The use of backscattered electron (BSE) imaging in low voltage scanning electron microscopy (SEM) has increased over the past few years. This appears to be due to several factors including improved performance of SEMs at low voltages, reduced beam penetration, more reliable metrology, improved atomic number (Z) contrast information (for low Z) and reduced charging artefacts over secondary electron (SE) imaging. Understanding the factors involved in low voltage BSE detection may assist in improving the information attainable.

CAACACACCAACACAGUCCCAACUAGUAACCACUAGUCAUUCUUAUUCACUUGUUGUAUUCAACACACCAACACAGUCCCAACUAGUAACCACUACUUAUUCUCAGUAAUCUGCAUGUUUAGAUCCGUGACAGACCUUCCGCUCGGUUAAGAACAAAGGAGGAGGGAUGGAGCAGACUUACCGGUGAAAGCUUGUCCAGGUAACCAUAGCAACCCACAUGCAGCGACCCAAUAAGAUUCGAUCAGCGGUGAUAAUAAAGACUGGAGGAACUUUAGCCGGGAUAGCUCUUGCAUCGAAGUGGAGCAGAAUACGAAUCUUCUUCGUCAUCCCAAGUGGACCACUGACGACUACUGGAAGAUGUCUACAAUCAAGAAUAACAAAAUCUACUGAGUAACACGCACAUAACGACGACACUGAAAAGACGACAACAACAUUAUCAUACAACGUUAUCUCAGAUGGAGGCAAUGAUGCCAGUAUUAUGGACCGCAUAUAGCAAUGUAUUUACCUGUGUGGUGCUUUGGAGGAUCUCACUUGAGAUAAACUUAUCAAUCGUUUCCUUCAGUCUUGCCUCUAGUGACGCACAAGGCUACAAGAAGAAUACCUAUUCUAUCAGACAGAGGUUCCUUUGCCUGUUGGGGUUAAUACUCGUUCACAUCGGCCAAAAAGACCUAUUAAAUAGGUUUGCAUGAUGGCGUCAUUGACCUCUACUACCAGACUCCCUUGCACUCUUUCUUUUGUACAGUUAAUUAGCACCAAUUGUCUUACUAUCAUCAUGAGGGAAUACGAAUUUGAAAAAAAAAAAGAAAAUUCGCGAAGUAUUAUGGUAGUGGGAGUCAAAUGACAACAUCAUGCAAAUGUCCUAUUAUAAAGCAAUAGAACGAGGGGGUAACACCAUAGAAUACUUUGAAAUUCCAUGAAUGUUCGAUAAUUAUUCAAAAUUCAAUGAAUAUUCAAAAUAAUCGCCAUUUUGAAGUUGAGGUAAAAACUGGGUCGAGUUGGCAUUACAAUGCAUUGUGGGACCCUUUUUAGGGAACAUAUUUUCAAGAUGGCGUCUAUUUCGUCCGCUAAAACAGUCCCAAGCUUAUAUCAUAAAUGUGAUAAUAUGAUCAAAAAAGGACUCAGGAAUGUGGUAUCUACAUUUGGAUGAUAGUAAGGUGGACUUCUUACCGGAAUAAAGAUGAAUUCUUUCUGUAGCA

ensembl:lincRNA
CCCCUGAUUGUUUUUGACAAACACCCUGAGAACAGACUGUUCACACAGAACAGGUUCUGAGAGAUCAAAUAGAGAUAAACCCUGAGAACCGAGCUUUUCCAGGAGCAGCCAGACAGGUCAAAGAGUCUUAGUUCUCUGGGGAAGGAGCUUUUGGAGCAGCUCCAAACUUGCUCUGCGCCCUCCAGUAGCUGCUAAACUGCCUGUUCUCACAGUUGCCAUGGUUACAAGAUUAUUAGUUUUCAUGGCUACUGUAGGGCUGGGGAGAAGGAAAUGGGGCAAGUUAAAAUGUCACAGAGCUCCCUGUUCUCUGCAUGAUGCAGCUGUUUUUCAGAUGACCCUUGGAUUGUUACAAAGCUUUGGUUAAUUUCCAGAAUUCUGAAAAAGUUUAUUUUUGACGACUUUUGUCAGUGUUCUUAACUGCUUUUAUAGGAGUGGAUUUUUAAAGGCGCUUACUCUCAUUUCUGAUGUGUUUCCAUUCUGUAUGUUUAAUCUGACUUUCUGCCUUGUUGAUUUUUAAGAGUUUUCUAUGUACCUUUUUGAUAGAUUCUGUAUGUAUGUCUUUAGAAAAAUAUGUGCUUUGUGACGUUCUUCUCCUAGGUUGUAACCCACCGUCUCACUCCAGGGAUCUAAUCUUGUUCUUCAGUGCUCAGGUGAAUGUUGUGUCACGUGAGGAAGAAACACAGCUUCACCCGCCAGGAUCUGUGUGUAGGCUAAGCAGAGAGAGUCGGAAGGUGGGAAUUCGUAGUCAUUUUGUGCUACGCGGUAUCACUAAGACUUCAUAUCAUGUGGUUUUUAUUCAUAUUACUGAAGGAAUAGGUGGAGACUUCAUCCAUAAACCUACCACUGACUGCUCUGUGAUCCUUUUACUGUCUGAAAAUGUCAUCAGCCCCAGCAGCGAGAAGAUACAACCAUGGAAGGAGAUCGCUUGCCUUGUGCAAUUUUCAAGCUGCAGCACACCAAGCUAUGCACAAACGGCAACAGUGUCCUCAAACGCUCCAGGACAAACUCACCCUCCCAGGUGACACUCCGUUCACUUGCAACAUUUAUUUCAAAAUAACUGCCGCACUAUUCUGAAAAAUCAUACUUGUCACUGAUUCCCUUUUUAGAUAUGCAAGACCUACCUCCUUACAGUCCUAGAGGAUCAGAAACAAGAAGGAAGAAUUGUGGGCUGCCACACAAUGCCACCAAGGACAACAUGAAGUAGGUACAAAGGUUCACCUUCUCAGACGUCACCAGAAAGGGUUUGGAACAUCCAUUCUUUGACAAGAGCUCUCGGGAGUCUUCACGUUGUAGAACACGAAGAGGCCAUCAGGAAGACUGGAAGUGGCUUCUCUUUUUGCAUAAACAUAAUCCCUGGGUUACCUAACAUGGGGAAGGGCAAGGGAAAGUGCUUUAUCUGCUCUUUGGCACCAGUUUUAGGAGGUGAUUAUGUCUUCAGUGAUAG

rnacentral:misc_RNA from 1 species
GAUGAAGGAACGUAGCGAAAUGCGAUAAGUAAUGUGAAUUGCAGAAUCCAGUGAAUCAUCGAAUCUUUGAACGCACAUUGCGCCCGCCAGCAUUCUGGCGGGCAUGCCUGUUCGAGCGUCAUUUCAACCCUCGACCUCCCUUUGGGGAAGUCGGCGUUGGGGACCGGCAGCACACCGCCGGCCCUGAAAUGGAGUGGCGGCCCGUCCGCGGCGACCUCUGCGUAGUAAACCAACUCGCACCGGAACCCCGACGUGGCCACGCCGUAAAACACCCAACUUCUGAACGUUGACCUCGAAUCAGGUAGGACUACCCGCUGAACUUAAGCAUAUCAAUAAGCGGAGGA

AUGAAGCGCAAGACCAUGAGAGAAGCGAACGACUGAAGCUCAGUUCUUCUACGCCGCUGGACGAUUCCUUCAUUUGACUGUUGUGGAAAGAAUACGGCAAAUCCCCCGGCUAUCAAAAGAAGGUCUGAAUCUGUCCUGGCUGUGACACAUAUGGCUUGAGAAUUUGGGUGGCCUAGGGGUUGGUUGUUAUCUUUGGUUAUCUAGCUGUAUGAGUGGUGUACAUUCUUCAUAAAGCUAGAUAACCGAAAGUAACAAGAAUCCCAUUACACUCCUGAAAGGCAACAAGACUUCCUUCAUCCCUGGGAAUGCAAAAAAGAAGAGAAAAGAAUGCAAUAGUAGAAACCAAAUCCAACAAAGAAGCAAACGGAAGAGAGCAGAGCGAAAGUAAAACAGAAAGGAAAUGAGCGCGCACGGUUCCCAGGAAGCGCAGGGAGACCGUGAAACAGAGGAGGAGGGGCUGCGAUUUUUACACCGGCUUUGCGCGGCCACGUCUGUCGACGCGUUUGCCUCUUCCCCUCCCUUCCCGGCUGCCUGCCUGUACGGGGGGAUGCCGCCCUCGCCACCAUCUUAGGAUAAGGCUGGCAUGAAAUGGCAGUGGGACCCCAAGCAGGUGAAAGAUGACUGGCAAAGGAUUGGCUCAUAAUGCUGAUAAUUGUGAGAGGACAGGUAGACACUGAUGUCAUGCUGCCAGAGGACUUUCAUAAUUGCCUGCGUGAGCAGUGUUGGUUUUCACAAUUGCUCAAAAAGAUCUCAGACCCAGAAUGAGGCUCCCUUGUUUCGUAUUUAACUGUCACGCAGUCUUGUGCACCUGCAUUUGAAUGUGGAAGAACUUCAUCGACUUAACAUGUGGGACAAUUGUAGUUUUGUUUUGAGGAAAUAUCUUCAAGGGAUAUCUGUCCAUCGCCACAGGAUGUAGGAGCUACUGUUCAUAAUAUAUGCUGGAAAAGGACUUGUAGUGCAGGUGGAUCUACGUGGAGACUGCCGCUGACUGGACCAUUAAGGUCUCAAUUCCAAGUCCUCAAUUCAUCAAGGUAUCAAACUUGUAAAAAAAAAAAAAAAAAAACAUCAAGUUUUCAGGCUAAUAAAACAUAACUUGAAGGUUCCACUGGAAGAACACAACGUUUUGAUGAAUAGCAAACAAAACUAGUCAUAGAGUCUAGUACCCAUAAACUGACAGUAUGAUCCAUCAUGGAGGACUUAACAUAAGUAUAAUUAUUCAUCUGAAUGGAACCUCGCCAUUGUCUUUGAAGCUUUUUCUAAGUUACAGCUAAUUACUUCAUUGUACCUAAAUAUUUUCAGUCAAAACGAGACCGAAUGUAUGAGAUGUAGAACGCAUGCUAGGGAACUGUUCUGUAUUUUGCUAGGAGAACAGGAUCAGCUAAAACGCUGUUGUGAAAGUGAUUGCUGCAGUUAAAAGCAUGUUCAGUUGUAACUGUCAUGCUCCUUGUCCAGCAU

It has been shown that the signal Sdet from a BSE detector, for EB ≫ Ew is given by
where η is the BSE yield, Ω is the solid angle subtended by the detector to the specimen, D is the internal conversion efficiency of the detector, EB is beam accelerating voltage, Ew is the energy barrier of the dead layer on the detector's surface, IB is the beam current, F(Z) and F(Ω) are functions which take into account the variation of BSE energy with atomic number Z and collection angle respectively.